By Leslie N. Munroe with Yvonne Florian
Land erosion is an issue all over the state of Florida because of our sandy soils and abundant rain. The Indian River County Extension office receives numerous inquiries from our coastal residents searching for salt-tolerant native plants to help reduce that erosion on their saltwater-front properties.
Five Favorite Salt-Tolerant Natives
Described below are five of my favorite native plants for salt-sprayed coastal areas. These can be viewed locally in Indian River County at the island side of Jaycee Park. This is by no means an exhaustive list. However, I have found these few to be easily established, low maintenance, introductory plants for the coast. And your friends on the mainland may be jealous since at least two of these will only grow on the beach dune.
1. Railroad vine
This Gorgeous relative of the morning glory sends its runners out along the surface of the dune. It sinks its tough roots down into the sand, holding the soil in place. Its large, leathery leaves shield the ground from eroding rain and wind. Railroad vine is ever blooming with large, purple, trumpet-shaped flowers.
2. Beach Sunflower
These share happy yellow flowers all year long. Butterflies and other pollinators love them. This perennial starts off small but will eventually re-seed to create a dense, slowly spreading low mound. A great plant for native pollinators, even off the coast.
3. Sea oats
The seeds really look like oats. This dune grass grows in attractive small clumps that are supported by robust root systems. They are often found in large colonies at the very top of the sand dune or interspersed with other salt and drought tolerant plants only a few feet further inland. Please note: it is illegal to pick sea oats as they are an endangered plant which is necessary to dune stability.
4. Spider lily
A true lily that produces very large green, strap-like leaves. The flowers are startlingly bright white, and may reflect the shades of the sky as the sun sets. If the area is moist, these lilies can be planted as border plants or can be left alone to spread as naturalizing ground cover.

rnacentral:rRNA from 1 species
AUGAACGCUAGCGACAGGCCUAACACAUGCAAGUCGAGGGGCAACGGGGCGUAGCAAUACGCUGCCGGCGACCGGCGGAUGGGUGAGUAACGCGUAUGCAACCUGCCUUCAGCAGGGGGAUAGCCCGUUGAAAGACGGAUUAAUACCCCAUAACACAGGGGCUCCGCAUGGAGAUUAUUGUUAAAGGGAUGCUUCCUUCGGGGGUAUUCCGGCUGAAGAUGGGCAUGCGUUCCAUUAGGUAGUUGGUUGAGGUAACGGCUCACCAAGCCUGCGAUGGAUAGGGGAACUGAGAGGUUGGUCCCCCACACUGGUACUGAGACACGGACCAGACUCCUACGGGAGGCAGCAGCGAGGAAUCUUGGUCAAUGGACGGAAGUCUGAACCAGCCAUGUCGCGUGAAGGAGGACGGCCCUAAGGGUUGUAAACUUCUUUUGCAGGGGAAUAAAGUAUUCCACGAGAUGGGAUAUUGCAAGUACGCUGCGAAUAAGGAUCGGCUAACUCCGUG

5. Sea Grape
A robust shrub to a medium sized tree with large, round leaves. The leaves of sea grape turn numerous shades of copper and red in the fall and winter. It makes a bushy addition to any coastal landscape and an impenetrable hedge inland. These slow growers are best pruned by hand every few years. You will have to plant at least one male and one female if you want fruit, which is edible for wildlife and humans. The leaves occasionally attract the beautiful female Cecropia moth as a host for her eggs and larvae. These large green caterpillars are covered in colorful though painfully stinging spines.
As with all plants, these five lovely native plants will require frequent watering only during the establishment period. After that, they will be relatively self-sufficient and low maintenance. As a bonus, these natives should not require any added fertilizer inputs.
Do you want to learn more about salt tolerant plants and soil salinity issues in Florida? To help you get started, here are a few research-based publications from the University of Florida’s Institute of Food and Agricultural Sciences (UF/IFAS) Electronic Data Information Source (EDIS).
- “Soils and Fertilizers for Master Gardeners: Tackling Soil Salinity Problems in the Home Landscape” SL262
- “Salt Tolerant Plants” EDIS topic page
- “Soil Salinity” EDIS topic page for mitigating salt damage after a storm, from salt-intrusion in irrigation wells, or over-use of “reclaimed water” for irrigation.